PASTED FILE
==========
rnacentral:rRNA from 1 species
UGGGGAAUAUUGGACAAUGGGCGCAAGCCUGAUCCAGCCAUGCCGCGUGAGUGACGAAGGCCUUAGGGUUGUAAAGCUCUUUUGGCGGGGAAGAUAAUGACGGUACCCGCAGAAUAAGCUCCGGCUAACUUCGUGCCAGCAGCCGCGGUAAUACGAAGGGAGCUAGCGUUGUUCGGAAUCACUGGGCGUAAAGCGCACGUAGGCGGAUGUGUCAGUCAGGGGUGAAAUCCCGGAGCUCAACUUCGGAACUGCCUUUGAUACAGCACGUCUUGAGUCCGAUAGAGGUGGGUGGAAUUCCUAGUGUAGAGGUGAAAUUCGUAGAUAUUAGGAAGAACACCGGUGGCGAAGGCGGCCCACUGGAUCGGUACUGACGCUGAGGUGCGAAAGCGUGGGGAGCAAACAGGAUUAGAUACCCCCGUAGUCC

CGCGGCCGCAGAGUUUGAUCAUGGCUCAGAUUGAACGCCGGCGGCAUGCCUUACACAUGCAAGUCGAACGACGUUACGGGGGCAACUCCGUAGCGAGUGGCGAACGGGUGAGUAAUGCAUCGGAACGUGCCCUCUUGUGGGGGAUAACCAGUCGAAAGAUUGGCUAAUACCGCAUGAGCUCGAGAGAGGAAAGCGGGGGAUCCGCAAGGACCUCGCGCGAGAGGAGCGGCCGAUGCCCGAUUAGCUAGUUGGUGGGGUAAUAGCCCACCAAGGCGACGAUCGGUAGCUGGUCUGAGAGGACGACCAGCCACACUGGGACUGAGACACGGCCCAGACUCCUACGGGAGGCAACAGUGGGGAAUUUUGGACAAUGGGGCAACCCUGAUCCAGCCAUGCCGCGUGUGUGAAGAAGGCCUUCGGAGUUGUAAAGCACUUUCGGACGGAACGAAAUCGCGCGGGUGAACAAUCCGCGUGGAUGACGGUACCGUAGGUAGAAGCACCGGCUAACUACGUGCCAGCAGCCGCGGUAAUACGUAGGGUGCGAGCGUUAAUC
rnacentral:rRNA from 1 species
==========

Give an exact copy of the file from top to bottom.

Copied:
rnacentral:rRNA from 1 species
UGGGGAAUAUUGGACAAUGGGCGCAAGCCUGAUCCAGCCAUGCCGCGUGAGUGACGAAGGCCUUAGGGUUGUAAAGCUCUUUUGGCGGGGAAGAUAAUGACGGUACCCGCAGAAUAAGCUCCGGCUAACUUCGUGCCAGCAGCCGCGGUAAUACGAAGGGAGCUAGCGUUGUUCGGAAUCACUGGGCGUAAAGCGCACGUAGGCGGAUGUGUCAGUCAGGGGUGAAAUCCCGGAGCUCAACUUCGGAACUGCCUUUGAUACAGCACGUCUUGAGUCCGAUAGAGGUGGGUGGAAUUCCUAGUGUAGAGGUGAAAUUCGUAGAUAUUAGGAAGAACACCGGUGGCGAAGGCGGCCCACUGGAUCGGUACUGACGCUGAGGUGCGAAAGCGUGGGGAGCAAACAGGAUUAGAUACCCCCGUAGUCC

CGCGGCCGCAGAGUUUGAUCAUGGCUCAGAUUGAACGCCGGCGGCAUGCCUUACACAUGCAAGUCGAACGACGUUACGGGGGCAACUCCGUAGCGAGUGGCGAACGGGUGAGUAAUGCAUCGGAACGUGCCCUCUUGUGGGGGAUAACCAGUCGAAAGAUUGGCUAAUACCGCAUGAGCUCGAGAGAGGAAAGCGGGGGAUCCGCAAGGACCUCGCGCGAGAGGAGCGGCCGAUGCCCGAUUAGCUAGUUGGUGGGGUAAUAGCCCACCAAGGCGACGAUCGGUAGCUGGUCUGAGAGGACGACCAGCCACACUGGGACUGAGACACGGCCCAGACUCCUACGGGAGGCAACAGUGGGGAAUUUUGGACAAUGGGGCAACCCUGAUCCAGCCAUGCCGCGUGUGUGAAGAAGGCCUUCGGAGUUGUAAAGCACUUUCGGACGGAACGAAAUCGCGCGGGUGAACAAUCCGCGUGGAUGACGGUACCGUAGGUAGAAGCACCGGCUAACUACGUGCCAGCAGCCGCGGUAAUACGUAGGGUGCGAGCGUUAAUC
rnacentral:rRNA from 1 species